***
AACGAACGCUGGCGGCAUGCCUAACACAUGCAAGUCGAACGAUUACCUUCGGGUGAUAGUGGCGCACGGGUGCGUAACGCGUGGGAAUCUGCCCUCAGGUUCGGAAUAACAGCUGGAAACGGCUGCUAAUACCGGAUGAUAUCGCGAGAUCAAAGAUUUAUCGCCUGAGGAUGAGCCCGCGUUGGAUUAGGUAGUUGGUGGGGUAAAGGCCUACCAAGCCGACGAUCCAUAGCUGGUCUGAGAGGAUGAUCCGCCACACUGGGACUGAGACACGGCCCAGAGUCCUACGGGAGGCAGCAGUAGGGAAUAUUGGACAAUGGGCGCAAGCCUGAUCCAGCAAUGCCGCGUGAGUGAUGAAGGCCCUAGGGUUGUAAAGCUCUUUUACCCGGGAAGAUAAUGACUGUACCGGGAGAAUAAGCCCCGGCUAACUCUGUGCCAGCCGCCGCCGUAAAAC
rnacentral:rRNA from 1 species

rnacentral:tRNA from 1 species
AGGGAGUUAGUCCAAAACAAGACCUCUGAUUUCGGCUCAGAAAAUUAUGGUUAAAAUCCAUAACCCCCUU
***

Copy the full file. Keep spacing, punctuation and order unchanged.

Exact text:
AACGAACGCUGGCGGCAUGCCUAACACAUGCAAGUCGAACGAUUACCUUCGGGUGAUAGUGGCGCACGGGUGCGUAACGCGUGGGAAUCUGCCCUCAGGUUCGGAAUAACAGCUGGAAACGGCUGCUAAUACCGGAUGAUAUCGCGAGAUCAAAGAUUUAUCGCCUGAGGAUGAGCCCGCGUUGGAUUAGGUAGUUGGUGGGGUAAAGGCCUACCAAGCCGACGAUCCAUAGCUGGUCUGAGAGGAUGAUCCGCCACACUGGGACUGAGACACGGCCCAGAGUCCUACGGGAGGCAGCAGUAGGGAAUAUUGGACAAUGGGCGCAAGCCUGAUCCAGCAAUGCCGCGUGAGUGAUGAAGGCCCUAGGGUUGUAAAGCUCUUUUACCCGGGAAGAUAAUGACUGUACCGGGAGAAUAAGCCCCGGCUAACUCUGUGCCAGCCGCCGCCGUAAAAC
rnacentral:rRNA from 1 species

rnacentral:tRNA from 1 species
AGGGAGUUAGUCCAAAACAAGACCUCUGAUUUCGGCUCAGAAAAUUAUGGUUAAAAUCCAUAACCCCCUU